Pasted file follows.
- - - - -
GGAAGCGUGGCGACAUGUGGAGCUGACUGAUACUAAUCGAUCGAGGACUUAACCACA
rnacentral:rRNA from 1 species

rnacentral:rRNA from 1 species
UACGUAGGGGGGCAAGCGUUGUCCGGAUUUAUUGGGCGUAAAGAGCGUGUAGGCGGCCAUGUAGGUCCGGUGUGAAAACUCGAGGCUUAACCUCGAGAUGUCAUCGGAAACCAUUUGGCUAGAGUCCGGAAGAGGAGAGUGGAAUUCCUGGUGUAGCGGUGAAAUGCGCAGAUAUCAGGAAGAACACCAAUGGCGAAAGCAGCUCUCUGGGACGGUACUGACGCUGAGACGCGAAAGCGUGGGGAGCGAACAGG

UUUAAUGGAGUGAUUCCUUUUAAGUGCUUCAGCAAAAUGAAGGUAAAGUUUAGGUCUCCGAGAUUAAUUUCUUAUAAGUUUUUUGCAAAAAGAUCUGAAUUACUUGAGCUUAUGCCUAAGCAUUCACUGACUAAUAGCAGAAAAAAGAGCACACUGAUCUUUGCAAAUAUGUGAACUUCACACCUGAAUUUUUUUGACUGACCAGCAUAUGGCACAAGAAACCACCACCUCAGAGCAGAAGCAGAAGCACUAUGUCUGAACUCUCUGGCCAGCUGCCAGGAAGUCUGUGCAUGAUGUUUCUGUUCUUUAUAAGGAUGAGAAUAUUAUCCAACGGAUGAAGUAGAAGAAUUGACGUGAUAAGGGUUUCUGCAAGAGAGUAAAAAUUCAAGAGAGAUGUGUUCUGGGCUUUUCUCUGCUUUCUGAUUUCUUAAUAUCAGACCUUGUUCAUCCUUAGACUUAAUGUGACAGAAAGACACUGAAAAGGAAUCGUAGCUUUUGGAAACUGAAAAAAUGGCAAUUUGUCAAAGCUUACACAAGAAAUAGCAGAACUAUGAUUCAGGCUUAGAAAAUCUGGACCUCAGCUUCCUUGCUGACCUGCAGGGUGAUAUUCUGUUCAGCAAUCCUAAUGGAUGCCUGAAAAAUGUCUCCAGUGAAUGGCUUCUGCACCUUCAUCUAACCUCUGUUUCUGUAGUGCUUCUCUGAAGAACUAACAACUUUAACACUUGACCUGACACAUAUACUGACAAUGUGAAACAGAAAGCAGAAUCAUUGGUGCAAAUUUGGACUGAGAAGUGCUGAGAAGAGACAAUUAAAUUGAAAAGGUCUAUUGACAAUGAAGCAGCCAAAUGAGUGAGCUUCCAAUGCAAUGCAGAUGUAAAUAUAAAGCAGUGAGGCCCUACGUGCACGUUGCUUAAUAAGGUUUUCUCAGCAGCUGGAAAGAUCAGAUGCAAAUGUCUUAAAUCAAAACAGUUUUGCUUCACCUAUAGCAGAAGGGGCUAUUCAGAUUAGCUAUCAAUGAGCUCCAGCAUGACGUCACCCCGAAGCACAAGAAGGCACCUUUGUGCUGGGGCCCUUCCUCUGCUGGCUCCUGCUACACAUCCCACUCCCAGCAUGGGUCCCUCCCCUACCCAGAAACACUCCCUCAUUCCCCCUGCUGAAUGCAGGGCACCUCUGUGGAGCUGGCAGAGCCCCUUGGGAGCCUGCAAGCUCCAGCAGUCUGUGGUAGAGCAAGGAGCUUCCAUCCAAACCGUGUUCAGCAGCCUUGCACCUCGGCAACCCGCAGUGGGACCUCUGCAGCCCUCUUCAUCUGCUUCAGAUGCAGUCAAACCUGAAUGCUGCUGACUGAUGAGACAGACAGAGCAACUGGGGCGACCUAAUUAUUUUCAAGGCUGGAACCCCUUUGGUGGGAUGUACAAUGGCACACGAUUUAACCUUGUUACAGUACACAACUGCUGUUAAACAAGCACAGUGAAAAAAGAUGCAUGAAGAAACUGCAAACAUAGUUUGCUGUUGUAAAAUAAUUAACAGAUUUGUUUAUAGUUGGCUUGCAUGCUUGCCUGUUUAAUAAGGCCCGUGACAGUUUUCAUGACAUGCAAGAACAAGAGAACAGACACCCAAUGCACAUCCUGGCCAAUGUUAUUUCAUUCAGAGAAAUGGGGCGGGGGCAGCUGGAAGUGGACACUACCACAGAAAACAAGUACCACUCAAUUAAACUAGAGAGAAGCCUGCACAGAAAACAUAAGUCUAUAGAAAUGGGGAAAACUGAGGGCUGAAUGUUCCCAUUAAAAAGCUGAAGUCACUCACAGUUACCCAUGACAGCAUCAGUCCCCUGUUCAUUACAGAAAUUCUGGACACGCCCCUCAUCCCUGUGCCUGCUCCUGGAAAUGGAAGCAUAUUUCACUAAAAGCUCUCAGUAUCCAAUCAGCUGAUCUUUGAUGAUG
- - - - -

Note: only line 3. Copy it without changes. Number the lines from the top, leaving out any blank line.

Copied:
rnacentral:rRNA from 1 species